Donald Trump paid $110,000 in fines after being held in contempt of court for delay in responding to a civil citation issued by the New York state attorney general.
The news on one front of the former president’s many legal battles came on the heels of a breakthrough on another, the news that Trump’s former US Attorney General William Barr is in talks to testify before the House committee. Chamber investigating the deadly attack on the Capitol.
The House investigation on January 6 has produced a criminal contempt charge for a Trump ally, former White House strategist Steve Bannon.
Letitia James, the New York attorney general, is conducting a civil investigation into Trump’s business affairs.
Last week, a lawyer from James’ office said the evidence could support legal action against Trump, his company or both, but that a final decision had not yet been made.
James, a Democrat, said her three-year investigation uncovered evidence that the Trump Organization misrepresented the value of assets such as skyscrapers and golf courses for more than a decade.
Trump, a Republican, denies James’ allegations. He has called James’ investigation “racist” and a politically motivated “witch hunt.” Trump’s lawyers have accused James of selective prosecution. Trump is suing James in federal court, seeking to shut down the investigation of him.
Trump paid the contempt of court fine on Thursday but must still submit additional paperwork to have the contempt order lifted, James’ office said.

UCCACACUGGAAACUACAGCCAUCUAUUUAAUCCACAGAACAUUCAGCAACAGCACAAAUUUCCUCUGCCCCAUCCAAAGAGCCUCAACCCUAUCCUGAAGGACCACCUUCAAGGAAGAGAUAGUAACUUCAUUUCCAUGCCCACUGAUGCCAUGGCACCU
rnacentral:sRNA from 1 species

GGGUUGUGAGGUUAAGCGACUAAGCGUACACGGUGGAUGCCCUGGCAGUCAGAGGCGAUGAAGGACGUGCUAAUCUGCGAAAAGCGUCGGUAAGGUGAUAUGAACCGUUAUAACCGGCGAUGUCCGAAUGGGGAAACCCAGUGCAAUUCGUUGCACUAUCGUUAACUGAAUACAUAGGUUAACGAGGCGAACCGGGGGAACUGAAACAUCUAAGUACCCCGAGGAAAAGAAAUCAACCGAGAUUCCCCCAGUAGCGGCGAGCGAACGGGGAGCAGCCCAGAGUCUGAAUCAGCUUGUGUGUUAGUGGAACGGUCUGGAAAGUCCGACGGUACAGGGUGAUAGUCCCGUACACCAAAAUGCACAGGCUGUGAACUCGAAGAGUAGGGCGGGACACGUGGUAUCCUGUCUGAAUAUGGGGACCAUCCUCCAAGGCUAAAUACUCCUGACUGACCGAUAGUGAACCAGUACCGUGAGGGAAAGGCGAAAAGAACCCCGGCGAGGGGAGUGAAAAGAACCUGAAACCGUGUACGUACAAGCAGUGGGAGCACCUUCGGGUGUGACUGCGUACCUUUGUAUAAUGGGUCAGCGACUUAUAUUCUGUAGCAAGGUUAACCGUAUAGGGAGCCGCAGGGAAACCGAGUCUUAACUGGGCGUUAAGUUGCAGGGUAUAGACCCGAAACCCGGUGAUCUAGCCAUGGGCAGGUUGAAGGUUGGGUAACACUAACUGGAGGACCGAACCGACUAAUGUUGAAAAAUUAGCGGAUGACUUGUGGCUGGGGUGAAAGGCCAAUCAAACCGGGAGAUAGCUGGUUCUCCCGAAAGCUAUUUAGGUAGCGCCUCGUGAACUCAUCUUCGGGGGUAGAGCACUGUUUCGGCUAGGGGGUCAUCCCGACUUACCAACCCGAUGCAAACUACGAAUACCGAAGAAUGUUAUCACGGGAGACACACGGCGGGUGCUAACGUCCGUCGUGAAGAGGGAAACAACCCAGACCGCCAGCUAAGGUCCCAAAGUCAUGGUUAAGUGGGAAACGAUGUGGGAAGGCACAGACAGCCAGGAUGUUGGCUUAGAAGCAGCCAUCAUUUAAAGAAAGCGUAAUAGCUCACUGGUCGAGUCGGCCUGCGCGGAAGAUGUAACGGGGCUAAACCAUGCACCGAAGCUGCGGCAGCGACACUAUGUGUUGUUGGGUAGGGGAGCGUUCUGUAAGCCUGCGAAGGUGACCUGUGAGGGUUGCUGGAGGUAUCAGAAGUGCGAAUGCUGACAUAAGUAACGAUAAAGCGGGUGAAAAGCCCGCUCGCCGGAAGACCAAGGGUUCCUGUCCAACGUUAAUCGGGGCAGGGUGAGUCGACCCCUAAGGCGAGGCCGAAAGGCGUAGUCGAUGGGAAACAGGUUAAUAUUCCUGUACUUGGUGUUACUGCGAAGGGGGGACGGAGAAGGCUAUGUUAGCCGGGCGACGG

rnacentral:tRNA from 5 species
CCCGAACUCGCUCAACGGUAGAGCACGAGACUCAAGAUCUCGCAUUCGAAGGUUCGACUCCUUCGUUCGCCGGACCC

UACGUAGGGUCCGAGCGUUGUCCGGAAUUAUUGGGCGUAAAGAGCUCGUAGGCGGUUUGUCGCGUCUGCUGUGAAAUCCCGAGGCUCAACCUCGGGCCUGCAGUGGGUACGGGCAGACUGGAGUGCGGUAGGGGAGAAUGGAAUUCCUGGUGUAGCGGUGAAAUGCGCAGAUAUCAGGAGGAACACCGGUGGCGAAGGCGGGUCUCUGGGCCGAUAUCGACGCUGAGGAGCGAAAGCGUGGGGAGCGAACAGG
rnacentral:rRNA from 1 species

A Manhattan judge found Trump in contempt of court on April 25 and fined him $10,000 a day for failing to comply with a subpoena in the lengthy investigation into his business practices.
Arthur Engoron agreed on May 11 to lift the contempt order if Trump paid the fines by May 20 and submitted affidavits detailing efforts to search for the subpoenaed records and explaining his and his company’s document retention policies.
Engoron also required a company hired by Trump to help with the search, HaystackID, to finish reviewing 17 boxes in offsite storage and for that company to report its findings and turn over any relevant documents. That process was completed Thursday, James’ office said.
Engoron told Trump to pay the money and have the attorney general hold it in an escrow account while Trump’s legal team appeals the original contempt ruling.
Engoron prevented the fine from accruing on May 6, when Trump’s attorneys produced 66 pages of documents detailing efforts to locate the subpoenaed records. The judge warned that he could reinstate him, retroactive to May 7, if the conditions were not met.
A message seeking comment was left with Trump’s attorney.